Filed under: Freedom, Law, National Security, Terrorism, The Constitution | Tags: Black Swan Events, Mass Shootings, The Do-Something Disease
In the saga of the prevention of the next mass shooting, there are many stories. One comes from the failed state of California. California authorities are empowered to seize weapons — owned by convicted felons and people with mental illness. Unfortunately staff shortages and funding cuts have left a backlog of more than 19,700 people to disarm, according to a law enforcement official.
Those 19,700 convicted felons and people with mental illness (assuming that there is real reason to identify them as dangerous) typically acquired the firearms legally, before they were convicted of a felony or diagnosed with mental illness. There are many felonies that do not involve threatening anyone with firearms, nor indicate any difference between those who have no problem pointing guns at innocent people and those who do not. Sounds pretty inexact. Nevertheless, those 19,700 people have roughly 39,000 weapons.
Each year, the state investigates and seizes the guns of about 2.000 people on the Armed Prohibited Persons list, but each year about 3,000 names are added to the list. The bureau does not have the funding to keep up.
Testimony and theater. Anti-gun activists summoned dead children. Law enforcement officials displayed weapons, retired legislators complained that they were intimidated by gun-rights advocates. Victims of gun crimes somberly recounted their stories. Proposals for a 5¢ tax on every bullet purchased. Legislation drafted to require ammunition buyers to provide a thumbprint and ID for background checks. A suggestion that cities and counties be able to enact their own, tougher gun laws. A proposal that gun owners be licensed and insured like motorists drew some opposition.”There is a big question of whether you can license a constitutional right.” Well, so there is.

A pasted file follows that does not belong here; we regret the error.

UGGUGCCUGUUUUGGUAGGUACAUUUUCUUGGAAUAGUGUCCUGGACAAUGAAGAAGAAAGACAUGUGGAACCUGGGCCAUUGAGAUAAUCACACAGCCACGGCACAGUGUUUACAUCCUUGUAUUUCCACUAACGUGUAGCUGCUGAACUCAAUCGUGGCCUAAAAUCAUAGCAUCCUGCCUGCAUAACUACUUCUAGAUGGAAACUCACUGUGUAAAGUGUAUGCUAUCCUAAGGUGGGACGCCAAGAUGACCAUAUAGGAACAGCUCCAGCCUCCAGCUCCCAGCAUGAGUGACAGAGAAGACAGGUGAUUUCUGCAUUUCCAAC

In the saga of the prevention of the next mass shooting, there are many stories. Unfortunately the record of past mass shooters is one of unknown people with unrecognized problems borrowing or stealing weapons and carefully planning in secret to commit a dreadful act. There really isn’t anything much that government can do to prevent these dreadful one-off, Black Swan events which have actually been growing less frequent. Britain and Australia engaged in complete gun-banning, confiscation of all firearms, strong laws to prevent violence, and crime has increased drastically, violence increased. home invasions increased. The record is quite clear. But a dreadful event happened and everyone wants to do something.
Filed under: Law, National Security, Pop Culture | Tags: No Common Sense, Public Paranoia, The Do-Something Disease
When there is a horrendous incident, such as the terrible shooting at Sandy Hook Elementary in Newtown, CT., the do-something disease strikes with devastating effect. A boy, described as odd, or disturbed?— did anyone describe him as disturbed or only in retrospect? — shot his mother in the face and proceeding to the elementary school, shot teachers and many little children and then himself. Devastating.
The immediate assumption is that we must do something to prevent a repetition, any repetition anywhere, any time. But going back over other shootings, the perpetrators were not singled out, no one recognized their delusions or their danger. None cold have been prevented by any of the new laws being proposed. If we are unable to recognize mental illness in any of these people prior to their act, new laws about not selling guns to the mentally disturbed are not going to help. None of them purchased their guns at gun dealers. We have tried a ban on “assault weapons” to little effect because the banners have no understanding of what an assault weapon is. So you end up with all sorts of incidents like this one, that Reason headlined this way:
“Boy, Not Making Bombs, Arrested for Having Things Cops Think Could Blow Up (And For Drawings That Spooked a Teacher).”
When a 16-year-old New Jersey boy doodled in his notebook on Tuesday, December 18, he probably didn’t expect to be arrested by the end of the day. However, when school officials saw the sketches, which they state appeared to be of weapons, and the boy “demonstrated behavior that caused them to be concerned,” the police were called. ( The drawing was apparently of a glove spouting flames).
The school is a magnet school with programs focusing on engineering and environmental science and specializing in hands-on learning.
A subsequent search of the boy’s home led to his arrest because they found several electronic parts and chemicals. He was charged with the possession of an explosive device and put in juvenile detention. His mother said her son had “a passion for collecting old stuff, taking it apart and rebuilding thing.”
No threats to anyone, no bomb, no making a bomb, no using a bomb, no detonating a bomb. Only a drawing of a flaming glove. No indication that there was any danger to anyone or any school property. Hope the kid got out of the Juvenile Detention facility in time for Christmas.